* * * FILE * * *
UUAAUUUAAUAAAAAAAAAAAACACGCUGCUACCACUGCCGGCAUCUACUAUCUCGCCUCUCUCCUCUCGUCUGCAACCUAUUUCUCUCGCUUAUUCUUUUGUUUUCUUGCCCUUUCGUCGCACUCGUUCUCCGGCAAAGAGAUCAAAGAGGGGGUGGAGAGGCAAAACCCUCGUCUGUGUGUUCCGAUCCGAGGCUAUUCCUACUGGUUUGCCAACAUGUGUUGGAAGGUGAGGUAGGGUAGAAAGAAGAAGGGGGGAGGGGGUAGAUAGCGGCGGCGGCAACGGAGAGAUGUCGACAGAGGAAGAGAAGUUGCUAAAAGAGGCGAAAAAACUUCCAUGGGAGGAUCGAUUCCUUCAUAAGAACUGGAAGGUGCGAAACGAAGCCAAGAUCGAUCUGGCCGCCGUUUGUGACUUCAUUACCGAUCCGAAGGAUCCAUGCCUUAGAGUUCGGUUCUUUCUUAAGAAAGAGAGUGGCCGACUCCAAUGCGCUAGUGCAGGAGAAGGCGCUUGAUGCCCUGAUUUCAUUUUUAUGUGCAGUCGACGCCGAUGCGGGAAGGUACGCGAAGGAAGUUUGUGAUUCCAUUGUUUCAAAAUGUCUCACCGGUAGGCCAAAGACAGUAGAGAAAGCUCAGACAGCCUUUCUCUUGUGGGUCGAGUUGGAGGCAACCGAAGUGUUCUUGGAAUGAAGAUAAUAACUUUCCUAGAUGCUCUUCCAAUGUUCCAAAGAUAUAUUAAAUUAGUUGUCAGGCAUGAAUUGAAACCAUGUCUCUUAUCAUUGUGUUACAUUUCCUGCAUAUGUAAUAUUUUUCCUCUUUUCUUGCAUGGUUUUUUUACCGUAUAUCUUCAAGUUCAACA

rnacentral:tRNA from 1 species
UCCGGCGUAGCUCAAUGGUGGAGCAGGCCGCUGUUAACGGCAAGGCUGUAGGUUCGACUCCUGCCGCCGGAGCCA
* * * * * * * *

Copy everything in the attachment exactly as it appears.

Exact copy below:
UUAAUUUAAUAAAAAAAAAAAACACGCUGCUACCACUGCCGGCAUCUACUAUCUCGCCUCUCUCCUCUCGUCUGCAACCUAUUUCUCUCGCUUAUUCUUUUGUUUUCUUGCCCUUUCGUCGCACUCGUUCUCCGGCAAAGAGAUCAAAGAGGGGGUGGAGAGGCAAAACCCUCGUCUGUGUGUUCCGAUCCGAGGCUAUUCCUACUGGUUUGCCAACAUGUGUUGGAAGGUGAGGUAGGGUAGAAAGAAGAAGGGGGGAGGGGGUAGAUAGCGGCGGCGGCAACGGAGAGAUGUCGACAGAGGAAGAGAAGUUGCUAAAAGAGGCGAAAAAACUUCCAUGGGAGGAUCGAUUCCUUCAUAAGAACUGGAAGGUGCGAAACGAAGCCAAGAUCGAUCUGGCCGCCGUUUGUGACUUCAUUACCGAUCCGAAGGAUCCAUGCCUUAGAGUUCGGUUCUUUCUUAAGAAAGAGAGUGGCCGACUCCAAUGCGCUAGUGCAGGAGAAGGCGCUUGAUGCCCUGAUUUCAUUUUUAUGUGCAGUCGACGCCGAUGCGGGAAGGUACGCGAAGGAAGUUUGUGAUUCCAUUGUUUCAAAAUGUCUCACCGGUAGGCCAAAGACAGUAGAGAAAGCUCAGACAGCCUUUCUCUUGUGGGUCGAGUUGGAGGCAACCGAAGUGUUCUUGGAAUGAAGAUAAUAACUUUCCUAGAUGCUCUUCCAAUGUUCCAAAGAUAUAUUAAAUUAGUUGUCAGGCAUGAAUUGAAACCAUGUCUCUUAUCAUUGUGUUACAUUUCCUGCAUAUGUAAUAUUUUUCCUCUUUUCUUGCAUGGUUUUUUUACCGUAUAUCUUCAAGUUCAACA

rnacentral:tRNA from 1 species
UCCGGCGUAGCUCAAUGGUGGAGCAGGCCGCUGUUAACGGCAAGGCUGUAGGUUCGACUCCUGCCGCCGGAGCCA